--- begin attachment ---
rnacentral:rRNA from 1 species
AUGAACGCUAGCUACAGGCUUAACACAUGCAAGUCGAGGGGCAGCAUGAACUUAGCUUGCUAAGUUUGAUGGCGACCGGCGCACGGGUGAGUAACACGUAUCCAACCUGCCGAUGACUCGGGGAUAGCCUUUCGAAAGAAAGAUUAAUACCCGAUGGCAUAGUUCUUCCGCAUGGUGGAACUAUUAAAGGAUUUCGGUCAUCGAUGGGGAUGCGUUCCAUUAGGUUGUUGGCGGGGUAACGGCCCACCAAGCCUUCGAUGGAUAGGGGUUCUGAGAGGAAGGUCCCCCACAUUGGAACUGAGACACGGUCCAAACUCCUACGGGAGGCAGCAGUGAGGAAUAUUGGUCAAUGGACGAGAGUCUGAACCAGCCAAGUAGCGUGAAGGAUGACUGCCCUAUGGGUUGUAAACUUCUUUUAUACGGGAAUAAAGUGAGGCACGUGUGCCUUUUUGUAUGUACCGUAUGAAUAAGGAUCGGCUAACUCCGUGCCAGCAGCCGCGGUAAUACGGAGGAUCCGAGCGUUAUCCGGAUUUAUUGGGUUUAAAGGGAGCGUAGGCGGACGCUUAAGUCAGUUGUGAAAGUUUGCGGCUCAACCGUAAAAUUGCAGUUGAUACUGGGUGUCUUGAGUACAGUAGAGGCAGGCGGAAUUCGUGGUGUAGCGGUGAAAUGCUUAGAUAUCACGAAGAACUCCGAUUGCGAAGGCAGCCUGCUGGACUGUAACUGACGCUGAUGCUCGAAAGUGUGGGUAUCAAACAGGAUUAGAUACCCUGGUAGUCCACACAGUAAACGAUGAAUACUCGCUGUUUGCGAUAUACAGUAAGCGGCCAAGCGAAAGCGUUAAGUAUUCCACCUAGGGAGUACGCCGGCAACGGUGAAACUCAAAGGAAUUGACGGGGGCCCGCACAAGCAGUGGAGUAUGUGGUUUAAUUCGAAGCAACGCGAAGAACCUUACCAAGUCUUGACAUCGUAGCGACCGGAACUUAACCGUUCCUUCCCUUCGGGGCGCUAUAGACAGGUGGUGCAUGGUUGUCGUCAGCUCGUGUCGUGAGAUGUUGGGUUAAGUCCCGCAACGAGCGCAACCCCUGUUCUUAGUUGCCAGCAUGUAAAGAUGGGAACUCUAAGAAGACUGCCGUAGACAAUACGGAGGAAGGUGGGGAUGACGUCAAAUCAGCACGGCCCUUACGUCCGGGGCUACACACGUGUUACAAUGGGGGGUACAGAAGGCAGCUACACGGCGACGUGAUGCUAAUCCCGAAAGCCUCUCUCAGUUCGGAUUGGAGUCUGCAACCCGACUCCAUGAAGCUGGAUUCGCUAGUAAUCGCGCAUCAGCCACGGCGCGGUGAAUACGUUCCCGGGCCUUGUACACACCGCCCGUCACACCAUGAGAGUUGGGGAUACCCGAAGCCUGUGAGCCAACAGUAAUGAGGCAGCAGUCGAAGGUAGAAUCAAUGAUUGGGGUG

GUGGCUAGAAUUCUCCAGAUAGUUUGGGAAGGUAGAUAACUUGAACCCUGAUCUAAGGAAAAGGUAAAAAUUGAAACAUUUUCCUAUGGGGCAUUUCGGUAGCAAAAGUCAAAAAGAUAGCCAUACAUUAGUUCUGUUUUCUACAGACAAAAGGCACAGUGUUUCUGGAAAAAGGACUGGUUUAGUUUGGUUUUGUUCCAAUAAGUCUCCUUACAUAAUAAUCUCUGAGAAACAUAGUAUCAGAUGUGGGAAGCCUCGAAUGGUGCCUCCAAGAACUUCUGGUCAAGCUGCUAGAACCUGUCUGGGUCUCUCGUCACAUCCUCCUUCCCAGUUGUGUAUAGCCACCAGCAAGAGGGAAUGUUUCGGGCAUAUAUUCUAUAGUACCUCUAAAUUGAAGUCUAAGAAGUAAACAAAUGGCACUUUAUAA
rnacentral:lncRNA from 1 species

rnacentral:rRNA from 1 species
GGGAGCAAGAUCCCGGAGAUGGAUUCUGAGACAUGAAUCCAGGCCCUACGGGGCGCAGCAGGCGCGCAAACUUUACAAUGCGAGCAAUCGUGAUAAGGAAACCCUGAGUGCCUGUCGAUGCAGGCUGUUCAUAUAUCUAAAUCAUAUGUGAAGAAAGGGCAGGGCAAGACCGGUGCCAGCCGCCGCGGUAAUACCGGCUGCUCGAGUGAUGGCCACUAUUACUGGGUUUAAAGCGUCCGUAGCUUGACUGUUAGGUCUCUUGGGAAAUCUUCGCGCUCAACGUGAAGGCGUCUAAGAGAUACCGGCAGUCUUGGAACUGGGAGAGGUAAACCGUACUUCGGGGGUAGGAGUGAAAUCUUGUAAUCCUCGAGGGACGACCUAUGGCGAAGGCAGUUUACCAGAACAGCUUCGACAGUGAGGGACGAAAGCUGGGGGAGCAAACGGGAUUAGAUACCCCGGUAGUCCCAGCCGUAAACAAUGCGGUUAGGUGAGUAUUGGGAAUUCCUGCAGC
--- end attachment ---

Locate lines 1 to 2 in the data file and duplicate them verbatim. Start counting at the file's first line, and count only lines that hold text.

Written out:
rnacentral:rRNA from 1 species
AUGAACGCUAGCUACAGGCUUAACACAUGCAAGUCGAGGGGCAGCAUGAACUUAGCUUGCUAAGUUUGAUGGCGACCGGCGCACGGGUGAGUAACACGUAUCCAACCUGCCGAUGACUCGGGGAUAGCCUUUCGAAAGAAAGAUUAAUACCCGAUGGCAUAGUUCUUCCGCAUGGUGGAACUAUUAAAGGAUUUCGGUCAUCGAUGGGGAUGCGUUCCAUUAGGUUGUUGGCGGGGUAACGGCCCACCAAGCCUUCGAUGGAUAGGGGUUCUGAGAGGAAGGUCCCCCACAUUGGAACUGAGACACGGUCCAAACUCCUACGGGAGGCAGCAGUGAGGAAUAUUGGUCAAUGGACGAGAGUCUGAACCAGCCAAGUAGCGUGAAGGAUGACUGCCCUAUGGGUUGUAAACUUCUUUUAUACGGGAAUAAAGUGAGGCACGUGUGCCUUUUUGUAUGUACCGUAUGAAUAAGGAUCGGCUAACUCCGUGCCAGCAGCCGCGGUAAUACGGAGGAUCCGAGCGUUAUCCGGAUUUAUUGGGUUUAAAGGGAGCGUAGGCGGACGCUUAAGUCAGUUGUGAAAGUUUGCGGCUCAACCGUAAAAUUGCAGUUGAUACUGGGUGUCUUGAGUACAGUAGAGGCAGGCGGAAUUCGUGGUGUAGCGGUGAAAUGCUUAGAUAUCACGAAGAACUCCGAUUGCGAAGGCAGCCUGCUGGACUGUAACUGACGCUGAUGCUCGAAAGUGUGGGUAUCAAACAGGAUUAGAUACCCUGGUAGUCCACACAGUAAACGAUGAAUACUCGCUGUUUGCGAUAUACAGUAAGCGGCCAAGCGAAAGCGUUAAGUAUUCCACCUAGGGAGUACGCCGGCAACGGUGAAACUCAAAGGAAUUGACGGGGGCCCGCACAAGCAGUGGAGUAUGUGGUUUAAUUCGAAGCAACGCGAAGAACCUUACCAAGUCUUGACAUCGUAGCGACCGGAACUUAACCGUUCCUUCCCUUCGGGGCGCUAUAGACAGGUGGUGCAUGGUUGUCGUCAGCUCGUGUCGUGAGAUGUUGGGUUAAGUCCCGCAACGAGCGCAACCCCUGUUCUUAGUUGCCAGCAUGUAAAGAUGGGAACUCUAAGAAGACUGCCGUAGACAAUACGGAGGAAGGUGGGGAUGACGUCAAAUCAGCACGGCCCUUACGUCCGGGGCUACACACGUGUUACAAUGGGGGGUACAGAAGGCAGCUACACGGCGACGUGAUGCUAAUCCCGAAAGCCUCUCUCAGUUCGGAUUGGAGUCUGCAACCCGACUCCAUGAAGCUGGAUUCGCUAGUAAUCGCGCAUCAGCCACGGCGCGGUGAAUACGUUCCCGGGCCUUGUACACACCGCCCGUCACACCAUGAGAGUUGGGGAUACCCGAAGCCUGUGAGCCAACAGUAAUGAGGCAGCAGUCGAAGGUAGAAUCAAUGAUUGGGGUG